(Bloomberg) -- Cell C Pty Ltd. is in advanced talks with MTN Group Ltd. to gain more access to its network as South Africa’s third-biggest mobile-phone company strives to overcome mounting losses and add products such as financial services.An extended roaming deal could be concluded within the next month, Chief Executive Officer Douglas Craigie Stevenson said in an interview. Cell C will gain additional access to MTN’s network in major cities such as Johannesburg and Cape Town.“We are not a tower-owning company, our profits have to come from the services that we are able to offer customers,” said the CEO, who took charge on a permanent basis last month to replace the ousted Jose Dos Santos.Cell C is struggling under 9 billion rand ($596 million) of debt, while full-year losses have ballooned to 8 billion rand from 656 million rand a year earlier. Its management team is in weekly calls with lenders to update them on plans and ensure the company pushes through a re-capitalization by the end of the year.MTN confirmed it’s in discussions with Cell C. “We believe there are still opportunities to pursue, to the benefit of both businesses,” spokeswoman Jacqui O’Sullivan said in an emailed response to questions.Liquidity LifelineA group of local banks have committed to provide temporary liquidity and extended the maturity of 1.2 billion rand of debt that was due to be repaid last month, Cell C said in a presentation on Thursday.South Africa’s telecommunications market is dominated by Johannesburg-based rivals MTN and Vodacom Group Ltd., meaning smaller rivals such as Cell C have struggled. The carrier has come close to collapse on previous occasions, and in 2016 was rescued by a funding plan led by Blue Label Telecoms Ltd.“It’s always been a stressed investment and a company that has not been performance-managed,” said Craigie Stevenson. “Deals were done to fix a funding gap, and did not have thought-out longevity.”Other investments, such in TV-content platform Black, have absorbed cash without generating appropriate returns, the company said.New management is examining all costs and looking to get the most out of Cell C’s assets, Chief Financial Officer Zafar Mahomed said in the same interview. The company wants the bad news out of the way so as to enable the start of a growth plan, he said.Blue Label shares have slumped 45% this year, valuing the group at 2.7 billion rand.(Update with graph and MTN comment in fifth paragraph)To contact the reporter on this story: Loni Prinsloo in Johannesburg at email@example.comTo contact the editors responsible for this story: Rebecca Penty at firstname.lastname@example.org, John Bowker, Thomas PfeifferFor more articles like this, please visit us at bloomberg.com©2019 Bloomberg L.P.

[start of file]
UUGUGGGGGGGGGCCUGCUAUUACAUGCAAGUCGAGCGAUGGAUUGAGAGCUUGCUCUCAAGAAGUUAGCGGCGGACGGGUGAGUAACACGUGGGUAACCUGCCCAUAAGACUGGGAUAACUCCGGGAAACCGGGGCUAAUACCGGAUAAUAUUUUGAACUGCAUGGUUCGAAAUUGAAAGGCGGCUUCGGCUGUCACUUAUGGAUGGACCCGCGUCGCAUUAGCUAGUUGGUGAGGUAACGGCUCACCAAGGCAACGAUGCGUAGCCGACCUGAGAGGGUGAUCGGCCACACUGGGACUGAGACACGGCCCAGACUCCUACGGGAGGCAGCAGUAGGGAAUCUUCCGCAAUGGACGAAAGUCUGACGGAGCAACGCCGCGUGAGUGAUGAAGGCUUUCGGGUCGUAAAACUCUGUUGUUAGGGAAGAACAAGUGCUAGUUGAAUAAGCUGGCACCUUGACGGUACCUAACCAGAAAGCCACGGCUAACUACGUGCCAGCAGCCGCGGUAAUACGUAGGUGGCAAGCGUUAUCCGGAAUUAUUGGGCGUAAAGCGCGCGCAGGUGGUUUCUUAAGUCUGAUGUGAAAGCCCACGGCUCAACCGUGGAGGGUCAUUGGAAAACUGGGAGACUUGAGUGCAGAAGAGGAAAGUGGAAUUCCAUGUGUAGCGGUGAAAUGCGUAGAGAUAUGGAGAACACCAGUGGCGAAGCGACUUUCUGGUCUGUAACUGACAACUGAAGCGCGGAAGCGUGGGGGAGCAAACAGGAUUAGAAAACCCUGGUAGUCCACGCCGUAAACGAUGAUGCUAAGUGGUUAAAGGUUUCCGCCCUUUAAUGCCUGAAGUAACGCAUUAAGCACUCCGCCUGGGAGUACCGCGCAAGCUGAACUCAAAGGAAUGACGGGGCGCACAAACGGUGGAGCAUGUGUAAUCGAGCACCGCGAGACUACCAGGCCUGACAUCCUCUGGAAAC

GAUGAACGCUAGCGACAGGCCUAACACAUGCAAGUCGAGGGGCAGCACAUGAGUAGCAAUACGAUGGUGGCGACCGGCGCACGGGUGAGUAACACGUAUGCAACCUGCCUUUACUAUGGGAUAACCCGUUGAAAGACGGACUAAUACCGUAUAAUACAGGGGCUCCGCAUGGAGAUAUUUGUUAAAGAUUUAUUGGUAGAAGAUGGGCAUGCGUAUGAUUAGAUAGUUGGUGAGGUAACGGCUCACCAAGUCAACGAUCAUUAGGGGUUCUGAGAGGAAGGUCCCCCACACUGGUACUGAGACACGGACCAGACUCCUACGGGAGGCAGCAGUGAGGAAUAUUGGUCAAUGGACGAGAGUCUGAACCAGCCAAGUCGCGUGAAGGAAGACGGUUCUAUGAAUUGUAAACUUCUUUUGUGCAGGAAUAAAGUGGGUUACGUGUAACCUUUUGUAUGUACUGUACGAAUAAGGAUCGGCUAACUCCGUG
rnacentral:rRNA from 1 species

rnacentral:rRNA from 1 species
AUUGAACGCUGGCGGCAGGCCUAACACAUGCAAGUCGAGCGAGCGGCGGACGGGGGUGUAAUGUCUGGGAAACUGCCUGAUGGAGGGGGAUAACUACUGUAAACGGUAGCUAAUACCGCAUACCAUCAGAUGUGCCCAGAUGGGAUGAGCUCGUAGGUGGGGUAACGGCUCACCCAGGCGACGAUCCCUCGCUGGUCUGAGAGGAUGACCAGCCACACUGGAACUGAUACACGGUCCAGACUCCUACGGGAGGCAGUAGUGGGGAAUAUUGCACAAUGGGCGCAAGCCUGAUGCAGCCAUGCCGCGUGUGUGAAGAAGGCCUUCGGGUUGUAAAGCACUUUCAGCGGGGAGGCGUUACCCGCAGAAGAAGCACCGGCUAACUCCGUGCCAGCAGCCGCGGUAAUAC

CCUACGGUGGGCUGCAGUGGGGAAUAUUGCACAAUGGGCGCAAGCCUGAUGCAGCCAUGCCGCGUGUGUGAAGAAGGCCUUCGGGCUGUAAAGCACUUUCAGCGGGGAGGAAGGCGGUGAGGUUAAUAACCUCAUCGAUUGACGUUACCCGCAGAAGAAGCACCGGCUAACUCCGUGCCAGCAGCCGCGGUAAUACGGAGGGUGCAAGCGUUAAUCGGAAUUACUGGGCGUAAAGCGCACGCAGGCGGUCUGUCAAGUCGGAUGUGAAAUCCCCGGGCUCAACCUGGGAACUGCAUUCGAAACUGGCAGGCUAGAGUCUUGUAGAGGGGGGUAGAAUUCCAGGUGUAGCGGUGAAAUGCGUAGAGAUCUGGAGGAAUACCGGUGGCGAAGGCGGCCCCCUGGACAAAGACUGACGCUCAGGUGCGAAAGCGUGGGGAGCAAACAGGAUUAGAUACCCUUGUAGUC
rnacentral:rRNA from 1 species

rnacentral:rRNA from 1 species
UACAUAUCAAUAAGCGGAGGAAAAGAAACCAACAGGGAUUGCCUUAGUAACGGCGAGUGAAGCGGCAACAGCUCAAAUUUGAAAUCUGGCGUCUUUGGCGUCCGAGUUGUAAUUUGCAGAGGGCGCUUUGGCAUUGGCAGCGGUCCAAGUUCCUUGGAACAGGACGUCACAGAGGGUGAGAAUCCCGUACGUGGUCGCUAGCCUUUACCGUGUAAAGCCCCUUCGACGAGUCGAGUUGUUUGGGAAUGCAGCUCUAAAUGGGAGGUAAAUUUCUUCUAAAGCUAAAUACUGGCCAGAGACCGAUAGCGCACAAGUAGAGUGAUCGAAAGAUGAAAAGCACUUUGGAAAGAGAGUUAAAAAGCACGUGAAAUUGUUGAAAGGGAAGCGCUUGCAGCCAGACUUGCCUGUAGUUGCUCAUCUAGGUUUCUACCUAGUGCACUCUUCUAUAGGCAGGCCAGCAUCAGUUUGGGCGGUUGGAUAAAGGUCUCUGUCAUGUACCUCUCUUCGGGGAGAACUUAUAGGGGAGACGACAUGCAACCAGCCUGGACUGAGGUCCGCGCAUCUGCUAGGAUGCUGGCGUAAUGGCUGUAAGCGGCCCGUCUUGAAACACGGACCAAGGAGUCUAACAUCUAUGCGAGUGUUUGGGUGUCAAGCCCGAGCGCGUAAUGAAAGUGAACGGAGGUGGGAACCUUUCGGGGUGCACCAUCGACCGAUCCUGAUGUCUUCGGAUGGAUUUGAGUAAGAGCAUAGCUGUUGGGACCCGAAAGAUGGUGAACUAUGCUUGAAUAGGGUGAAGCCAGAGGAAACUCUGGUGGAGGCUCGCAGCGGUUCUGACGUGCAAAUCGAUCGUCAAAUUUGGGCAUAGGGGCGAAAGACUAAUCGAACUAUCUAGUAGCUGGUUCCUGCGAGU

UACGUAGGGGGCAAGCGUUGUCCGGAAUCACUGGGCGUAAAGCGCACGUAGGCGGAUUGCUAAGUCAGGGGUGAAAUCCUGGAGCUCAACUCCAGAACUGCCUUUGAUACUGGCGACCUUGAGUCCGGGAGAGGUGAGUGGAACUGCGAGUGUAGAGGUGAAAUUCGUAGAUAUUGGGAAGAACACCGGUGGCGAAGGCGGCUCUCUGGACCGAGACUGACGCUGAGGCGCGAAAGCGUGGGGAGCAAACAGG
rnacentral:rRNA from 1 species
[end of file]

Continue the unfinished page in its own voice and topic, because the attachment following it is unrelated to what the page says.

Sydney, Australia, Aug 22, 2019 - (ABN Newswire) - Santos Ltd (ASX:STO) today announced its half-year results for 2019, reporting both record EBITDAX and underlying profit. 22 August 2019 2019 Half-year ...
Brisbane, Australia, Aug 13, 2019 - (ABN Newswire) - As recently announced by Central Petroleum Limited (ASX:CTP) (HAM:C9J) (OTCMKTS:CPTLF) , the Dukas-1 exploration well, located approximately 175km south ...